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**PRINT: FRIENDS FROM CINCINNATI: Installment 24 features this part coming-of-age short by Chicago's Patrick Somerville, author of the Trouble collection of shorts out in 2006. | PAST BROADSHEETS |

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Sean Kilpatrick

Her feet floated, pressed against the window. Through the white smear of sleet on the glass there were no attached legs, just the smooth pale bottoms of curved feet and curled toes.

I walked around the house and unlocked the front door and stopped dead. My breath fogged the stormdoor's glass. I squeaked lines with my finger for maybe twenty minutes, then silently brought in the mail.

The air was stale and warm. The refrigerator moaned. Drops fell splat in the sink. I placed the mail on the kitchen table. I could not hear my footsteps.

A sock hung from the living room ceiling fan. One of hers. Clothes were scattered. Pants on the dining room table. A bra in the corner. A boot had knocked down the drapes. I gathered and folded them all into a neat pile. I kept her sock in my hand. I went down the hallway to our bedroom, holding it. The door was open.



Her man froze. She smiled. They were a peach blur on the bed.

"How was work?"

"I haven't been going."

"I'll make dinner. Okay?"


I shut the door.

I took a milk carton out and sat at the table. She screamed. I poured milk in her sock and giggled. He probably wasn't even interested in her feet. The sock darkened, stretched down. Mostly, the milk seeped onto my lap. I held some in and tilted up the sock. It ran slowly to my lips. I sucked it through the cotton. It tasted dry. Sour specks tickled my throat. I swallowed and coughed. I got a hard-on and stuffed her wet sock in my pants. The mail was all bills.

Her feet slapped on the hallway floorboards. She stopped, saw what I did with their clothes. She entered the kitchen in a robe and sat across from me.

"Sit on my lap."

"How come you haven't been going to work? Look at these. Bills!"

She held the letters up, dropped them.

"I don't feel like it."

He walked to his clothes, dressed. Waited. Finally, he came in. I studied her face. She looked at me. Behind her he went for the side door. She bent her head low to the side. He stopped. Walked over to us at the table. She rose halfway. He leaned, hesitated, chose her cheek, and kissed.


She mouthed, "bye," not turning.

He opened the door.


I saw him. He was bald and tall. He shut the door.

"Did he carry you?"

"I don't want to talk about it."

"Me neither."

"I actually came for the first time."

"That's good."

She smiled to herself.

"What's for dinner?"

"I dunno."

She stood.

"What's all over you?"

"Let's see a movie tonight."

"Which one?"

"Any one."

"Look at me."


"Why not?"

I shrugged.

"Why are you crying? What did you do to yourself?"

I shrugged.

"Why are you crying?" She held my hand. "Baby, we already talked about this. I thought you were okay. Look at me. Look at me. Look at me, baby."

I peered over my hand.

"I love you."

"I know. I'm not really crying. I'm faking it. See." I showed her no tears.


I shrugged.

"But I know that bothered you."


She put both her hands on mine. "I love you."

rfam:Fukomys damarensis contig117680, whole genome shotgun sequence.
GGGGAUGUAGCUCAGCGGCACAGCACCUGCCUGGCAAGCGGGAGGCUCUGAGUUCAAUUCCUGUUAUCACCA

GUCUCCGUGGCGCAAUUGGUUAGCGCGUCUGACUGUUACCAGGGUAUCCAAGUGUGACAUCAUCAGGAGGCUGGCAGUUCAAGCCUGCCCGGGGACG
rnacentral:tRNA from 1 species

"I love you too, dear."

"That sounded angry. You're angry at me."


"Yes, you are."

"No. No."

"You have every right to be."

"Well, I'm not."

"It's okay..."

"Angry at him. He knew. He knew you had me first."

"Don't be angry at him. It was my idea! You really need to learn how to express your feelings. Are you trying to be macho or something?"


"Then tell me how you feel. Express yourself for once. God! I'm sorry. It's just...okay, look at me."

I did.

"Tell me what you think about me fucking that guy."

"I'm glad you came. He seemed well-endowed."

"He was."

I spread some papers and found the letter-opener. I lifted it level with her eyes and slit the gas bill open.

"What are you doing? Do you even care?" She sighed and stomped away. She reentered dressed and sat down again.

"I feel bad about what I did. You're making me feel worse. Please say something." She was upset.

I looked at the bill I could not afford. I looked at my hand. I set the opener down and looked at it. I looked at the table. Then, I looked at her. Her face. I pulled my chair closer, my elbows to the table's center. I reached my hand toward her. She closed her eyes to feel my embrace. I formed an O with my thumb and index fingers and flicked her across the nose, hard. She flinched and held her face. She scooted back, bending to her knees.

"I love you."

She trembled. "Okay." She went to the cupboard, hiding her face from me. "How about macaroni?"

I didn't say anything.

She rested against the open cupboard for a long time. She ran over to me, knelt and hugged my waist.

"You depend on me too much sometimes. I can't handle it. I'm not as good as you make me out to be. I can't be what you want me to be. I need space. I can't love as much as you can and you make me feel so selfish. I'm not. And I know you know that. And I know you still love me. Even after today I know you still always will. But it's going to be ok now between us because you hate me now. You can hate me and everything will be ok now. Oh, I feel like a weight's been lifted. Is this my sock in here?"

She pulled it out. I was shaking. She looked up. I burst with laughter. She smiled up into my face. I hunched, laughing hysterically, and fell on the floor. She laughed too and grew just as manic until we were screaming and couldn't breathe.

Sean Kilpatrick is a victim of Catholic schools. He has thirty-eight posable positions, goes to jail, and reads poetry -- not in that order. He lives in Detroit and hits the river with his forehead. It hurts. Contact Sean at nakedlunch@comcast.net.